The tradition of the Christmas tree is very recent, if compared to that of the Nativity scene. The tradition of planting and decorating a tree in the Christmas period dates back to the Germanic peoples. In fact, towards the 11th century, in Northern Europe, the use of major representations or mysteries re-proposing episodes from the Bible was widespread. A much in demand performance was linked to the Genesis chapter about creation. In order to symbolize the tree of the knowledge of the good and evil of the garden of Eden, given the region and the season, a fir tree was used on which fruit was hung. From that ancient tradition, we gradually arrived at the Christmas tree of our times, whose first reliable documentation dates back to 1512 in Alsace. The Christmas fir also gradually took on a new meaning: it came to symbolize the figure of Jesus, the Savior who defeated the darkness of sins: for this reason it began to be adorned with lights.

Santa Claus, the Befana, the exchange of gifts, mutual wishes, kisses under the mistletoe, the use of decorations, the game of tombola are some of the other traditions of the Italian Christmas. But Christmas is mainly the moment when families and friends gather together, especially at the table. Each region has its own culinary characteristics, and the only common to all regional recipes is the presence of fish: on the evening of the eve the eel is present on many Italian tables, in particular in Abruzzo, Lazio, Marche and Campania.

In Calabria, the meal begins with fried artichokes and "zeppole", then dinner is based on stockfish. The Christmas lunch should consist of thirteen courses, according to tradition.

Even in Basilicata the dinner is made up of thirteen fish dishes. First of all, on Apulian tables we find the traditional scrapers, a particular paste of durum wheat.

In Campania, everything is based on fish, from spaghetti to clams to traditional eel. And then the traditional dessert, the "struffoli".

In Emilia Romagna you will eat tortellini for dinner, without meat, followed by a second fish while strictly in broth for the Christmas lunch, followed by cotechino and sausages.

In the Marche region the main dish is roast turkey for lunch, while dinner is abundant: macaroni with stockfish and the classic eel.

In Apulia you will find homemade spaghettini according to tradition, seasoned with fish sauce, followed by eel. Even here the dinner must be composed of thirteen courses.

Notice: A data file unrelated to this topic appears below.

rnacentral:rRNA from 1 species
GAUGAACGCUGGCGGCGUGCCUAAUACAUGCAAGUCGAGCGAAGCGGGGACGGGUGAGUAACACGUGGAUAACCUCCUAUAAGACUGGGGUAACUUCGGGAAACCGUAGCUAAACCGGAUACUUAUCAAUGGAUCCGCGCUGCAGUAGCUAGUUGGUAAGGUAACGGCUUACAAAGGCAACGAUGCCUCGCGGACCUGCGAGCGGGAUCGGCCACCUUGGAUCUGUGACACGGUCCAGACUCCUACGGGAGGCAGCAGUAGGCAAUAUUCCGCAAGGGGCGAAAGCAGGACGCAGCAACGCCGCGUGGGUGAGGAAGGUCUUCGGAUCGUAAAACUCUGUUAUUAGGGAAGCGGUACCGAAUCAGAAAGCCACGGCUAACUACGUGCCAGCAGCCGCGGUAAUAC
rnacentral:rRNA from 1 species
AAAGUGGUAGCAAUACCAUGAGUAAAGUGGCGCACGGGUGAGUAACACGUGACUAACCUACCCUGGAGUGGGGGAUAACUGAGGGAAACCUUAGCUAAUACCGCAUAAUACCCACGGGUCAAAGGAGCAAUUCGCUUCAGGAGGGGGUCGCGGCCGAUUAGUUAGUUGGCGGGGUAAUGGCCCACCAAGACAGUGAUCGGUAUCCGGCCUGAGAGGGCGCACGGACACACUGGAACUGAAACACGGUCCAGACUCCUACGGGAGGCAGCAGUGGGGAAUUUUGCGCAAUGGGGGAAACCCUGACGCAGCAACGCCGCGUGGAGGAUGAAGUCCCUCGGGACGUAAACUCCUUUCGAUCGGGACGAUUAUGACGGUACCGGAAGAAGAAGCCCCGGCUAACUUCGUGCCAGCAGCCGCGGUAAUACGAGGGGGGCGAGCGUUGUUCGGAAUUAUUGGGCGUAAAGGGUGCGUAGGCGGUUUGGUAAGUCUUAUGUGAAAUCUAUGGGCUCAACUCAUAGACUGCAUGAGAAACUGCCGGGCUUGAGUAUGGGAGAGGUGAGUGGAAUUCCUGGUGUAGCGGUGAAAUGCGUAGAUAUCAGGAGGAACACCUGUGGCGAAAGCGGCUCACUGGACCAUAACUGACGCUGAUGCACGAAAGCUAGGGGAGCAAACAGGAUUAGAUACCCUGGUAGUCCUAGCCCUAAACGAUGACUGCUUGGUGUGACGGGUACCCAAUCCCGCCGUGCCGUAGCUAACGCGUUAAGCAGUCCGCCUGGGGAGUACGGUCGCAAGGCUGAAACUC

In Trentino Alto Adige on the tables you will find typical regional dishes, soups and cheese in the evening and polenta, roast meats, sausages and sauerkraut for lunch.

In Lazio, as in other regions, the main course will be eel, while capon or hen will be served at lunch.

Sicilians generally prefer pasta based on fish, usually with anchovies, but the desserts are the real main dish: cannoli, pignolata and nougat.

In Veneto, on the other hand, tradition has it that dinner ends with the "sbrisolona", a typical Venetian almond dessert, and a glass of grappa.

Of course you cannot forget the typical Milanese Christmas dessert, Panettone and Pandoro.

Panettone is made from a dough leavened with water, flour, butter, eggs or egg yolks, to which candied fruit, orange and cedar peel in equal parts and raisins are added. It was born in Milan at the time of Ludovico il Moro, and still today it is produced according to the recipe of 500 years ago.

Pandoro is a typical dessert from Verona. According to some people, the origins of the recipe are to be found in Austria, where the so-called "Vienna Bread" was produced, probably derived, in turn, from the French "brioche". According to others, however, it could derive from the "golden bread" that was served on the tables of the richest Venetians. Its birth dates back to 1800, as an evolution of the "Nadalin", a Veronese sweet. On October 14, 1894 Domenico Melegatti, founder of the confectionery industry of the same name, filed a soft and characteristically shaped eight-pointed star-shaped cake at the patent office, the work of the artist Angelo Dall'Oca Bianca, an impressionist painter. Ingredients include: flour, sugar, eggs, butter, cocoa butter and yeast.